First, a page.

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"Frost earthquakes" can hit Chicago as the temperature falls to record low levels



CNN's WGN branch reported on Wednesday that Chicago viewers woke up a bunch of booms.

"I thought I was crazy. I was awake all night because I heard it," said Chastity Clark Baker on Facebook, the news reported. "I was afraid and thought it was a stove." I continued walking through the house. All the jackets were on the table for us to get out of here. "

That flourish was not ready for burning a stove, but it was probably a time-consuming phenomenon called "firenado": a flicker of earthquake.

Earthquake due to frost, or cryozism, occurs when the underground waters are frozen and widened, causing ground and rock cracking.

That sound of noise or hitting usually begins when a sudden drop in temperature is reported, WGN reported, similar to a recent Chicago fall to a record low of 27 below.

But Chicago was not alone in experiencing wild weather conditions because the polar vortex disintegration brought the coolest air into generation in several parts of the United States and created dangerous and, sometimes, deadly conditions. At the peak of this week's extreme weather conditions, around 224 million people across the country were affected by temperatures below zero.

Travel blockages

By air and road, winter conditions have created great obstacles for travelers.

Snowy winds moved through the northeast, bringing short, almost white conditions to New York, Philadelphia and other cities.

The National Meteorological Service has said that people affected by the torrents will see rapid snowfalls, combined with winds that flood over 30km / h, which is almost impossible to see.

More than 4,800 flights attended by US airports were canceled on Wednesday and Thursday, according to FlightAware.com. Most of them – more than 3500 flights – were in and out of Chicago.

On Wednesday, Amtrak canceled all services to and from Chicago – a hub that typically manages 55 trains a day – due to weather conditions.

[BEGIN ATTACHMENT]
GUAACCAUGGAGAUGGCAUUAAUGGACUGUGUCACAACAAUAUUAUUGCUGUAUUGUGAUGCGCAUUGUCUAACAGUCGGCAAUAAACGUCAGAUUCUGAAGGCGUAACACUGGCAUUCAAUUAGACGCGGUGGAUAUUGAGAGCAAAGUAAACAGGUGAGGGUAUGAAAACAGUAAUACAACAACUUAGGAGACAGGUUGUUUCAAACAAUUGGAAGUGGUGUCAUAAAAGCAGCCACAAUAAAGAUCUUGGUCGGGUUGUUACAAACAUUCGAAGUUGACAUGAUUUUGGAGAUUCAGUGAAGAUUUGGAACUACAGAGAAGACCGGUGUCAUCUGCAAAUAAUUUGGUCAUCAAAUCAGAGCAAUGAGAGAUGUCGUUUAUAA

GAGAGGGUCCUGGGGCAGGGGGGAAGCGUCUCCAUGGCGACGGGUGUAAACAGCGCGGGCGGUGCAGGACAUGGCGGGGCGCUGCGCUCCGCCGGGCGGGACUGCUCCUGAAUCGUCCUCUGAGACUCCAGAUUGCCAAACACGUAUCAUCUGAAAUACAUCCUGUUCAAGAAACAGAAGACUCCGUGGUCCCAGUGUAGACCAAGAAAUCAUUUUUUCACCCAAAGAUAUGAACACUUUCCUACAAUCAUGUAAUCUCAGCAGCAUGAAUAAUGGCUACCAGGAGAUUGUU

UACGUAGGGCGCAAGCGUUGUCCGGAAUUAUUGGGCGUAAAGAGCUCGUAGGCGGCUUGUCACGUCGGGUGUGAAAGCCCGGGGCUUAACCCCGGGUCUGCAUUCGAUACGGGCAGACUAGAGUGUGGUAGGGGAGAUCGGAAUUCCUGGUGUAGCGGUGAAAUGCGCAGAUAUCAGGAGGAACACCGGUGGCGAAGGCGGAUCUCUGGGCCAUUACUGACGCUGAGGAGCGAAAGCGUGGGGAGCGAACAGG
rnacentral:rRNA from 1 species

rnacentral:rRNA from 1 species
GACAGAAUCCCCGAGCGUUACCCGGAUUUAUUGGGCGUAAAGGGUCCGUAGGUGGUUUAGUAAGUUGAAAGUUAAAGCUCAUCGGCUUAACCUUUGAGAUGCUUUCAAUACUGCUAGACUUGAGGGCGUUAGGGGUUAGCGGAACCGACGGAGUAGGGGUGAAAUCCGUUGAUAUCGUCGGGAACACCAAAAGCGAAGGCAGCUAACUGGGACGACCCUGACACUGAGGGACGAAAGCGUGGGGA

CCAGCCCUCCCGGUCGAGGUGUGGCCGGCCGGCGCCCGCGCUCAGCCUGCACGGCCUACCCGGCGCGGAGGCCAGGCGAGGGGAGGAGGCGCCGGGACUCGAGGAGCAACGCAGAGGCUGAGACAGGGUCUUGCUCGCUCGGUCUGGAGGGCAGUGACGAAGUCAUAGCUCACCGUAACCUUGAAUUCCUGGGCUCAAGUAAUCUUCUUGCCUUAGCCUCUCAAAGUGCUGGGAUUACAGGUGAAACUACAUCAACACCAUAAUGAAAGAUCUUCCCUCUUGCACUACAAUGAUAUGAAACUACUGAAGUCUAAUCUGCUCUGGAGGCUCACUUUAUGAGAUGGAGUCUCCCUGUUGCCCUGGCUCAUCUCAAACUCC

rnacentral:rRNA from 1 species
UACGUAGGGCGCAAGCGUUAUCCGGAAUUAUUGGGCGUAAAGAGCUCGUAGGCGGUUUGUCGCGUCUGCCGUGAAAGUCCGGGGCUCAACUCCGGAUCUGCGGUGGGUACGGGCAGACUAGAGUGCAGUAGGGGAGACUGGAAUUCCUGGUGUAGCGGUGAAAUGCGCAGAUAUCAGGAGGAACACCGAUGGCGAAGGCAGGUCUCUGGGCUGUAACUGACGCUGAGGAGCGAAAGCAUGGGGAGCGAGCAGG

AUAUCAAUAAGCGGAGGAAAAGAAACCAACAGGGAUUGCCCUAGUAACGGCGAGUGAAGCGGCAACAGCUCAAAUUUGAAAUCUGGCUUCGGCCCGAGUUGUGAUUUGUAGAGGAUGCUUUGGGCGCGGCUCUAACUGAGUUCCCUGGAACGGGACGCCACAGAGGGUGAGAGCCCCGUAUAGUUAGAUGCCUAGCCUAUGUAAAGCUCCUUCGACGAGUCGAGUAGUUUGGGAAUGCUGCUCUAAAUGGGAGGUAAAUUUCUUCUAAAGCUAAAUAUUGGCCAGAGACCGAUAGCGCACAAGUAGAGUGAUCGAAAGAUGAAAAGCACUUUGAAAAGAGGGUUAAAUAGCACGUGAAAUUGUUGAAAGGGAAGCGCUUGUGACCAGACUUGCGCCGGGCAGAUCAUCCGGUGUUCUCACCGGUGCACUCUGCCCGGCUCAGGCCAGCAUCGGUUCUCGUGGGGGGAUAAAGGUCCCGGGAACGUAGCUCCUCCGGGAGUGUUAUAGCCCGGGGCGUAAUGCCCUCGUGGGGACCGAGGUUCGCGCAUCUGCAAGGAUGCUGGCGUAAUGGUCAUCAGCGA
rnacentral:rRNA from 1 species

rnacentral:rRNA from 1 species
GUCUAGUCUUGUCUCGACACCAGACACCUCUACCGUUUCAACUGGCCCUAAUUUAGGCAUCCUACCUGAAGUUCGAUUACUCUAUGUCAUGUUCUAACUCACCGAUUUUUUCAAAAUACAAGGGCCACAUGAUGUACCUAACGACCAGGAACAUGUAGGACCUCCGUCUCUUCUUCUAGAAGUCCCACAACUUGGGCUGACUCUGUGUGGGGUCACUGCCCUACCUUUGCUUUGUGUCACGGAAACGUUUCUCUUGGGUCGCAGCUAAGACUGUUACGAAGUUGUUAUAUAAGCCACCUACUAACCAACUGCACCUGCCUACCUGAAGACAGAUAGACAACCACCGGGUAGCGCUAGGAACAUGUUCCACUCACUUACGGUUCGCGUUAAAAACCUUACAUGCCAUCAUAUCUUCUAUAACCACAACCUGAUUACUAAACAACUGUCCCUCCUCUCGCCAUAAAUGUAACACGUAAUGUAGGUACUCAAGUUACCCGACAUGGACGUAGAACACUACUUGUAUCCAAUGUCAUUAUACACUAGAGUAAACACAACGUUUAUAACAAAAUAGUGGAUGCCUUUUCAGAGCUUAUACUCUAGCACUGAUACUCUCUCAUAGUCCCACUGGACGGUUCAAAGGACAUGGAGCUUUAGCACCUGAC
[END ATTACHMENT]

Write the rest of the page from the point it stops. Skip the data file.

Deaths associated with brutal weather conditions

As millions get caught up with ice temperatures, at least 10 deaths are associated with extreme weather conditions this week.

Officials at Iowa have said there were four deaths in this week, including a discovery of the University student in Iowa on Wednesday.

The man of the second year student was found unanswered about three o'clock in the afternoon behind the recreational facility on campus. According to the National Weather Service, the temperature in Iowa City at that time was about 21 below zero and the whole day was below zero.

Ecorse Police Officers have told CNN that they have one deadly death on Wednesday in their town.

Storm-related deaths have also been reported in Illinois, Minnesota, Indiana and Wisconsin, authorities said.

The blood vessels are canceled

Pedestrians cross the street during heavy snow on Wednesday in Manhattan.

It is expected that arctic temperatures will not allow for a few more days. The National Weather Service predicts that 75% of the US population will see the temperature below zero until Sunday.

With the continuation of the cold, there will be suspensions of some operations and services.

17 Ways (and Counts) That Cold Temperature Affects US

The American Red Cross said 370 blood stations across the country were canceled as temperatures fall.

"The Red Cross currently has an urgent need for all types of blood donors and platelets to ensure that life-saving and emergency medical treatments are not postponed or canceled this winter," spokeswoman Stephanie Rendon said.

The US Postal Service said that due to arctic temperature delivery on Thursday will be suspended in parts of Illinois, Indiana, Michigan, Ohio, Pennsylvania and Wisconsin.

Due to "extraordinary weather conditions," state-run government offices in Michigan will be closed the second day on Thursday.

Led covers the coast of Lake Michigan in Chicago on Wednesday.

Michigan asked to quench the heat

17 Ways (and Counts) That Cold Temperature Affects US

Despite cold temperatures, the governor of Michigan is demanding some residents to quench the heat.

Fire at Consumers Energy's Ray Natural Gas Compressor Station in Macomb County, Michigan – which is responsible for approximately one-fifth of the state's natural gas storage – closes all gases from the facility.

Given that the gas supply was banned, Governor Gretchen Whitmer sent the inhabitants of the lower peninsula late Wednesday night and asked them to lower the heat to 65 degrees to Friday at noon.

CNN's Eliott C. McLaughlin, Andrea Diaz, Marlena Baldacci, Dave Hennen, Joe Sutton and Dave Alsup contributed to this report.


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